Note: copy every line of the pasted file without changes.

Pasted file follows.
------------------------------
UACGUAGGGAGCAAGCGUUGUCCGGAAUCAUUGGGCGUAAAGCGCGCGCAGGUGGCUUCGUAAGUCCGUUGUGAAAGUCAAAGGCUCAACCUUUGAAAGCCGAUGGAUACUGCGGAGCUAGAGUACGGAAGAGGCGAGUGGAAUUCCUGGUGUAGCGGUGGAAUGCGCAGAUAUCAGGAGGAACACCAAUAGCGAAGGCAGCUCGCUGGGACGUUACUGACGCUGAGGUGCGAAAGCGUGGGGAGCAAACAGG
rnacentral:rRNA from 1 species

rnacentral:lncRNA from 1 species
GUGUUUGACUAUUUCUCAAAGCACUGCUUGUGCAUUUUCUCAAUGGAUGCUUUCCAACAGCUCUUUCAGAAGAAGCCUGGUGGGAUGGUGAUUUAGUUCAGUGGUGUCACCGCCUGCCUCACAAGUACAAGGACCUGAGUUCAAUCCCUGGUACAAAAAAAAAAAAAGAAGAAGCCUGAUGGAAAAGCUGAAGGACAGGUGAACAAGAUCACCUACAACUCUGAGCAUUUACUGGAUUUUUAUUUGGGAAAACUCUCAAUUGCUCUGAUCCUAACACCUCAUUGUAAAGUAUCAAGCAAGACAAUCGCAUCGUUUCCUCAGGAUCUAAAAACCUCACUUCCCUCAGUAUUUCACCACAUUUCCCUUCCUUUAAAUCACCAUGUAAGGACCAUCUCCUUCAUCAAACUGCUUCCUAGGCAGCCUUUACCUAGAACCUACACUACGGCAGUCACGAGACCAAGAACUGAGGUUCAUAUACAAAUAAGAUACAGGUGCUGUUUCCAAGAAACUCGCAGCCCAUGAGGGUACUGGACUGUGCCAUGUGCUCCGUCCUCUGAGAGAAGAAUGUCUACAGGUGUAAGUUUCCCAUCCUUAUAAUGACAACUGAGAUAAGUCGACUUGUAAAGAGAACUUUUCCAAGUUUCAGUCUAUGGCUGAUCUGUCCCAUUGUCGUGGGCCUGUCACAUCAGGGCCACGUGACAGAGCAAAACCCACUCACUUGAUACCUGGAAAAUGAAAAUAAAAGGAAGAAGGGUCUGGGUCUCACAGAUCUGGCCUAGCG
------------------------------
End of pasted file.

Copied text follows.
UACGUAGGGAGCAAGCGUUGUCCGGAAUCAUUGGGCGUAAAGCGCGCGCAGGUGGCUUCGUAAGUCCGUUGUGAAAGUCAAAGGCUCAACCUUUGAAAGCCGAUGGAUACUGCGGAGCUAGAGUACGGAAGAGGCGAGUGGAAUUCCUGGUGUAGCGGUGGAAUGCGCAGAUAUCAGGAGGAACACCAAUAGCGAAGGCAGCUCGCUGGGACGUUACUGACGCUGAGGUGCGAAAGCGUGGGGAGCAAACAGG
rnacentral:rRNA from 1 species

rnacentral:lncRNA from 1 species
GUGUUUGACUAUUUCUCAAAGCACUGCUUGUGCAUUUUCUCAAUGGAUGCUUUCCAACAGCUCUUUCAGAAGAAGCCUGGUGGGAUGGUGAUUUAGUUCAGUGGUGUCACCGCCUGCCUCACAAGUACAAGGACCUGAGUUCAAUCCCUGGUACAAAAAAAAAAAAAGAAGAAGCCUGAUGGAAAAGCUGAAGGACAGGUGAACAAGAUCACCUACAACUCUGAGCAUUUACUGGAUUUUUAUUUGGGAAAACUCUCAAUUGCUCUGAUCCUAACACCUCAUUGUAAAGUAUCAAGCAAGACAAUCGCAUCGUUUCCUCAGGAUCUAAAAACCUCACUUCCCUCAGUAUUUCACCACAUUUCCCUUCCUUUAAAUCACCAUGUAAGGACCAUCUCCUUCAUCAAACUGCUUCCUAGGCAGCCUUUACCUAGAACCUACACUACGGCAGUCACGAGACCAAGAACUGAGGUUCAUAUACAAAUAAGAUACAGGUGCUGUUUCCAAGAAACUCGCAGCCCAUGAGGGUACUGGACUGUGCCAUGUGCUCCGUCCUCUGAGAGAAGAAUGUCUACAGGUGUAAGUUUCCCAUCCUUAUAAUGACAACUGAGAUAAGUCGACUUGUAAAGAGAACUUUUCCAAGUUUCAGUCUAUGGCUGAUCUGUCCCAUUGUCGUGGGCCUGUCACAUCAGGGCCACGUGACAGAGCAAAACCCACUCACUUGAUACCUGGAAAAUGAAAAUAAAAGGAAGAAGGGUCUGGGUCUCACAGAUCUGGCCUAGCG